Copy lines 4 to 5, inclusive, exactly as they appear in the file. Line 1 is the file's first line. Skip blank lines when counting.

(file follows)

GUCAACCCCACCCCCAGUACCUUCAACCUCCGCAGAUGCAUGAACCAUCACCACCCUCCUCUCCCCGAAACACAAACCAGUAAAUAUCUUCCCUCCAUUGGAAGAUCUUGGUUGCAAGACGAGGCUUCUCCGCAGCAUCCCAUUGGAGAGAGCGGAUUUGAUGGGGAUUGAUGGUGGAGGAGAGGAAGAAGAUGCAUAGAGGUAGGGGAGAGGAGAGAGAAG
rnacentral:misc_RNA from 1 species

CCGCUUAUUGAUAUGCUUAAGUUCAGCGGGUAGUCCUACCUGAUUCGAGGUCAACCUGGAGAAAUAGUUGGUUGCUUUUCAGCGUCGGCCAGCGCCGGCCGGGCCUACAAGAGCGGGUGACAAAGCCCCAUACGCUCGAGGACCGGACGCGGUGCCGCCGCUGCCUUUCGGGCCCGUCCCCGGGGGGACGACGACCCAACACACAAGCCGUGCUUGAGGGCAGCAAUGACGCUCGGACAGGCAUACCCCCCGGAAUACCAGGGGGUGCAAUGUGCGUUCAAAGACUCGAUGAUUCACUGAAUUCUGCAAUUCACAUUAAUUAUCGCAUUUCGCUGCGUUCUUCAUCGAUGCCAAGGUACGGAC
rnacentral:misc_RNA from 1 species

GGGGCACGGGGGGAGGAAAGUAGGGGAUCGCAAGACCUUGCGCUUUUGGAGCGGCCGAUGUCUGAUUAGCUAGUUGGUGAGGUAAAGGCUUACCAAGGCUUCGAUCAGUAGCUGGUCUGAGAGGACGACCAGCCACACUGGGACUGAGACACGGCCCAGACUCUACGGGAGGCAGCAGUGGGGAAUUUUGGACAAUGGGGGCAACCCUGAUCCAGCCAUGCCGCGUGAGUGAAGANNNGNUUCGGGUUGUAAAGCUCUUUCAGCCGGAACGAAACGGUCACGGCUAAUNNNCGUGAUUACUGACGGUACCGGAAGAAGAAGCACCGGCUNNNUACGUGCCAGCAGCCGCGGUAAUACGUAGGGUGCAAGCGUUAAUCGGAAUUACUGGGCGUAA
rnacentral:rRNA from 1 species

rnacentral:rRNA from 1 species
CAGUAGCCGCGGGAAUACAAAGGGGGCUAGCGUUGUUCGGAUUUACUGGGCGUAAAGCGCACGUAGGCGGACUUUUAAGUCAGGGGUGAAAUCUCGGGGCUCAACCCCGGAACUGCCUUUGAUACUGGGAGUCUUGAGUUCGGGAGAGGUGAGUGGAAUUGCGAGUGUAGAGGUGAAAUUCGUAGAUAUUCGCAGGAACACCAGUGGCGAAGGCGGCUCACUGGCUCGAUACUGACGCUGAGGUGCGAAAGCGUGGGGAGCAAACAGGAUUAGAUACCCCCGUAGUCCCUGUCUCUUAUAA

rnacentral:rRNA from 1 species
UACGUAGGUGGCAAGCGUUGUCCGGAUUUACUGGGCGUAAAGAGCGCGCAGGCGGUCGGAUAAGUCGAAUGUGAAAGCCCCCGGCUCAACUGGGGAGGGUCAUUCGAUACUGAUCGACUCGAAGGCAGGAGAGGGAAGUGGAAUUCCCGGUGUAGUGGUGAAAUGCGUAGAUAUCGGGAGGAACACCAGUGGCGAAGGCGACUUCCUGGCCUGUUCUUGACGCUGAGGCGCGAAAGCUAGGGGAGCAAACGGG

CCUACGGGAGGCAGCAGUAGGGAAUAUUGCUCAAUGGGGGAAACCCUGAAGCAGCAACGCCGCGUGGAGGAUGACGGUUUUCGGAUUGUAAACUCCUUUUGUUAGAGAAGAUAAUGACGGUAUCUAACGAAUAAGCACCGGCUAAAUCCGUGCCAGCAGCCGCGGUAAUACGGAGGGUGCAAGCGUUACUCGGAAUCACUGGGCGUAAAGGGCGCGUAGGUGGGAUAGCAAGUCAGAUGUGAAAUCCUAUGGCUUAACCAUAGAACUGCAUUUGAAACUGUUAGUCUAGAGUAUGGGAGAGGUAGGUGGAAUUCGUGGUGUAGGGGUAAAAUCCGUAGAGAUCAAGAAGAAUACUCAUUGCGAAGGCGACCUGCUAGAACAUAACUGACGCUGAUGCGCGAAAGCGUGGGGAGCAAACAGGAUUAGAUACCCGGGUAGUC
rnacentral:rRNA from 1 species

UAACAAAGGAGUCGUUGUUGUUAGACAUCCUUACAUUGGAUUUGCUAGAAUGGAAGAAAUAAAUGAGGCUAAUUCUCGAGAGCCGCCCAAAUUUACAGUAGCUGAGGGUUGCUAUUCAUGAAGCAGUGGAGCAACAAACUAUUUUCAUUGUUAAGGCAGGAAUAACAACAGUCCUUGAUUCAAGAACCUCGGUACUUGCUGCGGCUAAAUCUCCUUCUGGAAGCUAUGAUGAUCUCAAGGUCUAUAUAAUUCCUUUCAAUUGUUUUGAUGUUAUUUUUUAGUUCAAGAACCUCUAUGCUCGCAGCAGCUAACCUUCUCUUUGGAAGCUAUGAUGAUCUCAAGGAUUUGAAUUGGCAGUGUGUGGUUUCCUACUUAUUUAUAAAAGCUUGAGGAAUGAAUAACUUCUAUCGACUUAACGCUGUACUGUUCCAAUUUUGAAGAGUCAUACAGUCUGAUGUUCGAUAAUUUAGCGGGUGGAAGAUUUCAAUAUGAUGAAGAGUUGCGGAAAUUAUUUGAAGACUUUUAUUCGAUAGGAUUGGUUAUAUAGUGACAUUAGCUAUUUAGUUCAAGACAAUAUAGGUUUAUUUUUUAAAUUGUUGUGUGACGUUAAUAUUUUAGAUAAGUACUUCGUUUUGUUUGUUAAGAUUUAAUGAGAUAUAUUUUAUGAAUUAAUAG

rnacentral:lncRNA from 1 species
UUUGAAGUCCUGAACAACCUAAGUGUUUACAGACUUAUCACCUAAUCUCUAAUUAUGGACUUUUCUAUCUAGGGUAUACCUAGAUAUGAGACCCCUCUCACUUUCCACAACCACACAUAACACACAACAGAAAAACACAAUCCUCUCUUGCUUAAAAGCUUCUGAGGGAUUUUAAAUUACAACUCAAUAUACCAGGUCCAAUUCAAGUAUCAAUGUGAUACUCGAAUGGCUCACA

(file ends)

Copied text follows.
rnacentral:misc_RNA from 1 species

GGGGCACGGGGGGAGGAAAGUAGGGGAUCGCAAGACCUUGCGCUUUUGGAGCGGCCGAUGUCUGAUUAGCUAGUUGGUGAGGUAAAGGCUUACCAAGGCUUCGAUCAGUAGCUGGUCUGAGAGGACGACCAGCCACACUGGGACUGAGACACGGCCCAGACUCUACGGGAGGCAGCAGUGGGGAAUUUUGGACAAUGGGGGCAACCCUGAUCCAGCCAUGCCGCGUGAGUGAAGANNNGNUUCGGGUUGUAAAGCUCUUUCAGCCGGAACGAAACGGUCACGGCUAAUNNNCGUGAUUACUGACGGUACCGGAAGAAGAAGCACCGGCUNNNUACGUGCCAGCAGCCGCGGUAAUACGUAGGGUGCAAGCGUUAAUCGGAAUUACUGGGCGUAA